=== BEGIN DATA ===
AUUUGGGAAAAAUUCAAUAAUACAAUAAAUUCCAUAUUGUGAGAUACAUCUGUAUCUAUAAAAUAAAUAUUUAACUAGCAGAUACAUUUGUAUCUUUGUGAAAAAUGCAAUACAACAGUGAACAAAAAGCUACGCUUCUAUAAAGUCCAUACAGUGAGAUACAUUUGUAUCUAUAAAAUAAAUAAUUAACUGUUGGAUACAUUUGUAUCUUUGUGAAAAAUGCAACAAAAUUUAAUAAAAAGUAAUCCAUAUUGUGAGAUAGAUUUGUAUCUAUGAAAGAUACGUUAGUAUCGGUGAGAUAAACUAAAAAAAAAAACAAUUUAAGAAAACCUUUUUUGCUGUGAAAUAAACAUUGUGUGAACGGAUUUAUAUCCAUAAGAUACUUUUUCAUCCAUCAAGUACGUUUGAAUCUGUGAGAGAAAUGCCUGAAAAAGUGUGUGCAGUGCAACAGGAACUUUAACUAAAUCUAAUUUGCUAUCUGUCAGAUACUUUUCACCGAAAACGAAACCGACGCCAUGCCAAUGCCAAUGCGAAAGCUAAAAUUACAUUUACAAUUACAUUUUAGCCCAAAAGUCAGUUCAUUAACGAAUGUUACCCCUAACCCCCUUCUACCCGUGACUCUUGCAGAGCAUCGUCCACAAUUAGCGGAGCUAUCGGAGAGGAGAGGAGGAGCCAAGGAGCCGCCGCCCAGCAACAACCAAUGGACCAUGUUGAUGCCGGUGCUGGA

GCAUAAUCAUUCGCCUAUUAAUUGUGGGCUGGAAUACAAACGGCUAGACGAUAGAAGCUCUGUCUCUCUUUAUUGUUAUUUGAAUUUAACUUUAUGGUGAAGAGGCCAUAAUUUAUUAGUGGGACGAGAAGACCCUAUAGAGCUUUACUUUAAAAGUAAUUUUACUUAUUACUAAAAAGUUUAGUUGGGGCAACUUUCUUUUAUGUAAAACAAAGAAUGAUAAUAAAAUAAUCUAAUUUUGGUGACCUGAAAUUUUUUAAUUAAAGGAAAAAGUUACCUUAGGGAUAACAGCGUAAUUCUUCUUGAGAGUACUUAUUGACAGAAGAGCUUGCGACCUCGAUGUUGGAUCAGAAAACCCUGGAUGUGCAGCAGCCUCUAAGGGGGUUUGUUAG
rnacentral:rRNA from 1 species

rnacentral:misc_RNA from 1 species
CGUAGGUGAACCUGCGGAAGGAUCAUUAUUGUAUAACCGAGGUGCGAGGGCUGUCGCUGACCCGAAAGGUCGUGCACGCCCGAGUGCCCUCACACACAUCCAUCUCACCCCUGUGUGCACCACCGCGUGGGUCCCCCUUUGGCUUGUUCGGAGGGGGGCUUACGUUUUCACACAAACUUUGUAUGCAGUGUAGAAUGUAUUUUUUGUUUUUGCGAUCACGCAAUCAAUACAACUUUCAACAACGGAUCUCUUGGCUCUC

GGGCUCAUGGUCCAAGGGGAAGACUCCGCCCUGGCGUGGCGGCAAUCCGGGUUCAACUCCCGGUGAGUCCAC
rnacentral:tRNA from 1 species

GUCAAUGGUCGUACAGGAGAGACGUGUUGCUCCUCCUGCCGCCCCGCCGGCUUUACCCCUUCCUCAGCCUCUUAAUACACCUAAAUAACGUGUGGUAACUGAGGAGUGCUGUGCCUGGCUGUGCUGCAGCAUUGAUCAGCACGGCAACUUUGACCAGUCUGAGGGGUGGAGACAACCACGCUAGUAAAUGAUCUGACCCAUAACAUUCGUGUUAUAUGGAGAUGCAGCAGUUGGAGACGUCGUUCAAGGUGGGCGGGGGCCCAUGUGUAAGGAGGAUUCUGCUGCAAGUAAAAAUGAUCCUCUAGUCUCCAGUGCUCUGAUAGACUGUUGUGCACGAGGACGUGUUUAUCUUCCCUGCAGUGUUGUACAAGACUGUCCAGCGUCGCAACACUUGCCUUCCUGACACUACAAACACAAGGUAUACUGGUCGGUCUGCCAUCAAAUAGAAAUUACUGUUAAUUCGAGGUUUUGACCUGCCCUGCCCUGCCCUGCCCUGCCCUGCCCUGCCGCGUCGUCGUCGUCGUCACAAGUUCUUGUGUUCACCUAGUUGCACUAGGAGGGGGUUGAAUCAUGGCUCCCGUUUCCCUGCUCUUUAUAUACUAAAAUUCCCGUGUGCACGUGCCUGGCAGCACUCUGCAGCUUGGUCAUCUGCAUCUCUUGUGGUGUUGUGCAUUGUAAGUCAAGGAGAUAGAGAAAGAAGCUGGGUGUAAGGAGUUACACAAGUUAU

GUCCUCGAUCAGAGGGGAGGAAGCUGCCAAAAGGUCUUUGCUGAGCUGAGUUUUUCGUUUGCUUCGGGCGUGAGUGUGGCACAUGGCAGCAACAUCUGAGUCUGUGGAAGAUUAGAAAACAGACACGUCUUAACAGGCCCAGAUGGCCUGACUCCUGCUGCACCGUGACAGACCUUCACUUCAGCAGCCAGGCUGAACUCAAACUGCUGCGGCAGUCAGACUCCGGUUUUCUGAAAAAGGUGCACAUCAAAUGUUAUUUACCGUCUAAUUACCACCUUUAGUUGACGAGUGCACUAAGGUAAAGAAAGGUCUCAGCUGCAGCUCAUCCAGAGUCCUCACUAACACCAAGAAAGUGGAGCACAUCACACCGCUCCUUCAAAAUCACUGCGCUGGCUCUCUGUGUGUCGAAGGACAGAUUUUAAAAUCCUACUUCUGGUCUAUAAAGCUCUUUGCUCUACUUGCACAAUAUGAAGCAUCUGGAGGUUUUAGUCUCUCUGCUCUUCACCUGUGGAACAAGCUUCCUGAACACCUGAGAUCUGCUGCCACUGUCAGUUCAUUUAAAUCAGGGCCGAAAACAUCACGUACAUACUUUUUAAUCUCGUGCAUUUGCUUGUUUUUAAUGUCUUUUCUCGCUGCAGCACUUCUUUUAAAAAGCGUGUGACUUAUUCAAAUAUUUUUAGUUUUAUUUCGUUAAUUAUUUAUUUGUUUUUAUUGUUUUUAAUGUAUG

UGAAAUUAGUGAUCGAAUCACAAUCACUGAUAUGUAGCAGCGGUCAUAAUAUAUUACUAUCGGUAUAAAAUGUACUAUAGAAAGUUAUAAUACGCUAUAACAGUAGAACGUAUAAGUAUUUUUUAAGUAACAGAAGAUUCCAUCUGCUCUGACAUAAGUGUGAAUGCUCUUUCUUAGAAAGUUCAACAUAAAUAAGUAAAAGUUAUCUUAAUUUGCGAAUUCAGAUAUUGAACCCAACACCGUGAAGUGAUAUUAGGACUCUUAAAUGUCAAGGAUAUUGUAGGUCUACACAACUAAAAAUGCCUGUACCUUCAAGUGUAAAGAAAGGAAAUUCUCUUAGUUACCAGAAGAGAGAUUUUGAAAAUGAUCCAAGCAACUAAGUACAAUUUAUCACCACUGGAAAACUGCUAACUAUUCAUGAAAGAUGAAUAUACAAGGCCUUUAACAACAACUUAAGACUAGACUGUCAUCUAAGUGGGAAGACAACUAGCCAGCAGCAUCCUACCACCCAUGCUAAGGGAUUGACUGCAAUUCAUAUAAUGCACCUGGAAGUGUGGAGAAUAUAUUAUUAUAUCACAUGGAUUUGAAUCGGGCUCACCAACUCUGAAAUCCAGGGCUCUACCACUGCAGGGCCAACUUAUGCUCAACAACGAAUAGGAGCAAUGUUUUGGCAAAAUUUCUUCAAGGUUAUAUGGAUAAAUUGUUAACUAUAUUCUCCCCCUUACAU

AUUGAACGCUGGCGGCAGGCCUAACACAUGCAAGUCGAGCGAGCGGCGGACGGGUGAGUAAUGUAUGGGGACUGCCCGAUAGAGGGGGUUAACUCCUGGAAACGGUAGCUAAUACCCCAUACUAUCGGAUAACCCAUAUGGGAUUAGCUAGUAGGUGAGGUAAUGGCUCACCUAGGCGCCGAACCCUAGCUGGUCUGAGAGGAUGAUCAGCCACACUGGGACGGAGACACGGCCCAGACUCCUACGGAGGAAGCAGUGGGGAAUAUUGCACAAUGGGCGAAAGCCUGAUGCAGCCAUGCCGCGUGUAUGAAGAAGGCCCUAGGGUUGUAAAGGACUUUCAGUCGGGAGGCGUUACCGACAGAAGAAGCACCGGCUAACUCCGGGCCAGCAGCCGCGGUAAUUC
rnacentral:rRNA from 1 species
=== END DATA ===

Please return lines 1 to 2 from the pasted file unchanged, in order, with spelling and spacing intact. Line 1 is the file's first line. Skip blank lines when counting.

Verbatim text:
AUUUGGGAAAAAUUCAAUAAUACAAUAAAUUCCAUAUUGUGAGAUACAUCUGUAUCUAUAAAAUAAAUAUUUAACUAGCAGAUACAUUUGUAUCUUUGUGAAAAAUGCAAUACAACAGUGAACAAAAAGCUACGCUUCUAUAAAGUCCAUACAGUGAGAUACAUUUGUAUCUAUAAAAUAAAUAAUUAACUGUUGGAUACAUUUGUAUCUUUGUGAAAAAUGCAACAAAAUUUAAUAAAAAGUAAUCCAUAUUGUGAGAUAGAUUUGUAUCUAUGAAAGAUACGUUAGUAUCGGUGAGAUAAACUAAAAAAAAAAACAAUUUAAGAAAACCUUUUUUGCUGUGAAAUAAACAUUGUGUGAACGGAUUUAUAUCCAUAAGAUACUUUUUCAUCCAUCAAGUACGUUUGAAUCUGUGAGAGAAAUGCCUGAAAAAGUGUGUGCAGUGCAACAGGAACUUUAACUAAAUCUAAUUUGCUAUCUGUCAGAUACUUUUCACCGAAAACGAAACCGACGCCAUGCCAAUGCCAAUGCGAAAGCUAAAAUUACAUUUACAAUUACAUUUUAGCCCAAAAGUCAGUUCAUUAACGAAUGUUACCCCUAACCCCCUUCUACCCGUGACUCUUGCAGAGCAUCGUCCACAAUUAGCGGAGCUAUCGGAGAGGAGAGGAGGAGCCAAGGAGCCGCCGCCCAGCAACAACCAAUGGACCAUGUUGAUGCCGGUGCUGGA

GCAUAAUCAUUCGCCUAUUAAUUGUGGGCUGGAAUACAAACGGCUAGACGAUAGAAGCUCUGUCUCUCUUUAUUGUUAUUUGAAUUUAACUUUAUGGUGAAGAGGCCAUAAUUUAUUAGUGGGACGAGAAGACCCUAUAGAGCUUUACUUUAAAAGUAAUUUUACUUAUUACUAAAAAGUUUAGUUGGGGCAACUUUCUUUUAUGUAAAACAAAGAAUGAUAAUAAAAUAAUCUAAUUUUGGUGACCUGAAAUUUUUUAAUUAAAGGAAAAAGUUACCUUAGGGAUAACAGCGUAAUUCUUCUUGAGAGUACUUAUUGACAGAAGAGCUUGCGACCUCGAUGUUGGAUCAGAAAACCCUGGAUGUGCAGCAGCCUCUAAGGGGGUUUGUUAG